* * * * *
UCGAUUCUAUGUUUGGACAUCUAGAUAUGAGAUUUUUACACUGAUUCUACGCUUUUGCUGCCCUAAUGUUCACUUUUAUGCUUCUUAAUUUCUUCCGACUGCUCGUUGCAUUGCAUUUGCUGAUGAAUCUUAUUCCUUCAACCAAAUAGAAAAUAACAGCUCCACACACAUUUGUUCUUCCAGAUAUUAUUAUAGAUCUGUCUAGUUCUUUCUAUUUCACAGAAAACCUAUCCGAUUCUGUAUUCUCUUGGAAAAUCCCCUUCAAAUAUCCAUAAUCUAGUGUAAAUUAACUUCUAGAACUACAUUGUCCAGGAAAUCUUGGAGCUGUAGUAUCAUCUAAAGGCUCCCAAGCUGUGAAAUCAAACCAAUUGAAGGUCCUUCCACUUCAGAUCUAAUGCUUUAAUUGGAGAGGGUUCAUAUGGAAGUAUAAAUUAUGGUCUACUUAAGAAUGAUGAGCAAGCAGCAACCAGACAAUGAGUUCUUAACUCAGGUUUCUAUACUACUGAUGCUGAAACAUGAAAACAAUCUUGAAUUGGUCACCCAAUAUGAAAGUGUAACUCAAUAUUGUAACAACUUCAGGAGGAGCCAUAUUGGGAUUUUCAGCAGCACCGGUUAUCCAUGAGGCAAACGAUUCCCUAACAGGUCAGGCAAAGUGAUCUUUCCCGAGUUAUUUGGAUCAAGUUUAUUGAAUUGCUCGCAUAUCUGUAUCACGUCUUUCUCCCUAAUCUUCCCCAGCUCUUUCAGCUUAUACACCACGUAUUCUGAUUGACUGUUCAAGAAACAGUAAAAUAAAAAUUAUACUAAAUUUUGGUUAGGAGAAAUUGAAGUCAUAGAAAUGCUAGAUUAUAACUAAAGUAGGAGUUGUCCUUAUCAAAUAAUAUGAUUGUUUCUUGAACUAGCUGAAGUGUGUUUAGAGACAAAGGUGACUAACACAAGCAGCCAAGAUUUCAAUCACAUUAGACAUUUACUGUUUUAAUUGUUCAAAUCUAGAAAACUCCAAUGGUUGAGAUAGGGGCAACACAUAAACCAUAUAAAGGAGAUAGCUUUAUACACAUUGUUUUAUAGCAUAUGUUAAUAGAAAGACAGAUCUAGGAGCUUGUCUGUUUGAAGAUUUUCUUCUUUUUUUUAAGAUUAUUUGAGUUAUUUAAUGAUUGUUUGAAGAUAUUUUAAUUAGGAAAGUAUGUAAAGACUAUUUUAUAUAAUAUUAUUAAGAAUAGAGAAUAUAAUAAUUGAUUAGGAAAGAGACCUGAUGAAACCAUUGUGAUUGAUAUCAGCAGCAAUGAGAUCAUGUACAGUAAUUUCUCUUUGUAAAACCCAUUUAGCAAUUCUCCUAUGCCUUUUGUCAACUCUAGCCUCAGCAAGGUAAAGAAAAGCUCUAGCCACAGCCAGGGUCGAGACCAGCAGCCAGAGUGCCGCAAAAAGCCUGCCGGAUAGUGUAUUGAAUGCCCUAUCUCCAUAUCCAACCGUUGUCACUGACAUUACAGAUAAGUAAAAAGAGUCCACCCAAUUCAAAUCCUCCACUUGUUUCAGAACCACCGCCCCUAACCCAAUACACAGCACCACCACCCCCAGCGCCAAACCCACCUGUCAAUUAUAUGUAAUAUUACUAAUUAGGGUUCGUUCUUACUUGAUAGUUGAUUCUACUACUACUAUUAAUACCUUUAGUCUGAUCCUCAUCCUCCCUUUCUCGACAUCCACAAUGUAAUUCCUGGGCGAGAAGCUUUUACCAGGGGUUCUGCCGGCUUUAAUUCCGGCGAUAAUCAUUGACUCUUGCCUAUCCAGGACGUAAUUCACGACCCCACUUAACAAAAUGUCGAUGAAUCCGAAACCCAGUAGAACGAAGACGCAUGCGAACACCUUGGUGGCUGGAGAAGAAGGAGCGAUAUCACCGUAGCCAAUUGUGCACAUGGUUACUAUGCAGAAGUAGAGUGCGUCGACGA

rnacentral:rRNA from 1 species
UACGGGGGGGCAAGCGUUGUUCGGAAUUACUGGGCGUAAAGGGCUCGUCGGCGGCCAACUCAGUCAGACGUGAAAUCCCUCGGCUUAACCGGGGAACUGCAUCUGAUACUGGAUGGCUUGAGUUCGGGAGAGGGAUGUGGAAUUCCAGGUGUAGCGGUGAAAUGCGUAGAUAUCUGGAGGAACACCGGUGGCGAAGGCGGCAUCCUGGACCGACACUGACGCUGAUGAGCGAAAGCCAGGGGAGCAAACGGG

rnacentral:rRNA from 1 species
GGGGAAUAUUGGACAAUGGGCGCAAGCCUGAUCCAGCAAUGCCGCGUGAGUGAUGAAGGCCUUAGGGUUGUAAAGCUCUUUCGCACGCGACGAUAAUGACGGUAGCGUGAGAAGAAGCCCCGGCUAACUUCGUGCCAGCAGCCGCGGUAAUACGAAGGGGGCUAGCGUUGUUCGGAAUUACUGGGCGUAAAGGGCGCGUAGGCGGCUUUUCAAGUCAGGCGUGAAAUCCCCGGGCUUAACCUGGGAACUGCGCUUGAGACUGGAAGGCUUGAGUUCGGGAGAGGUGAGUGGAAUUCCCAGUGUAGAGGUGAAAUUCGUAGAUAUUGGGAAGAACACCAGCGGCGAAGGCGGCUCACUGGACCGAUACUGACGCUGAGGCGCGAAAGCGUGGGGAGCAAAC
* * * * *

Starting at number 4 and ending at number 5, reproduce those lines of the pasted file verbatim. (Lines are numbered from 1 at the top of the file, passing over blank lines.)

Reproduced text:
rnacentral:rRNA from 1 species
GGGGAAUAUUGGACAAUGGGCGCAAGCCUGAUCCAGCAAUGCCGCGUGAGUGAUGAAGGCCUUAGGGUUGUAAAGCUCUUUCGCACGCGACGAUAAUGACGGUAGCGUGAGAAGAAGCCCCGGCUAACUUCGUGCCAGCAGCCGCGGUAAUACGAAGGGGGCUAGCGUUGUUCGGAAUUACUGGGCGUAAAGGGCGCGUAGGCGGCUUUUCAAGUCAGGCGUGAAAUCCCCGGGCUUAACCUGGGAACUGCGCUUGAGACUGGAAGGCUUGAGUUCGGGAGAGGUGAGUGGAAUUCCCAGUGUAGAGGUGAAAUUCGUAGAUAUUGGGAAGAACACCAGCGGCGAAGGCGGCUCACUGGACCGAUACUGACGCUGAGGCGCGAAAGCGUGGGGAGCAAAC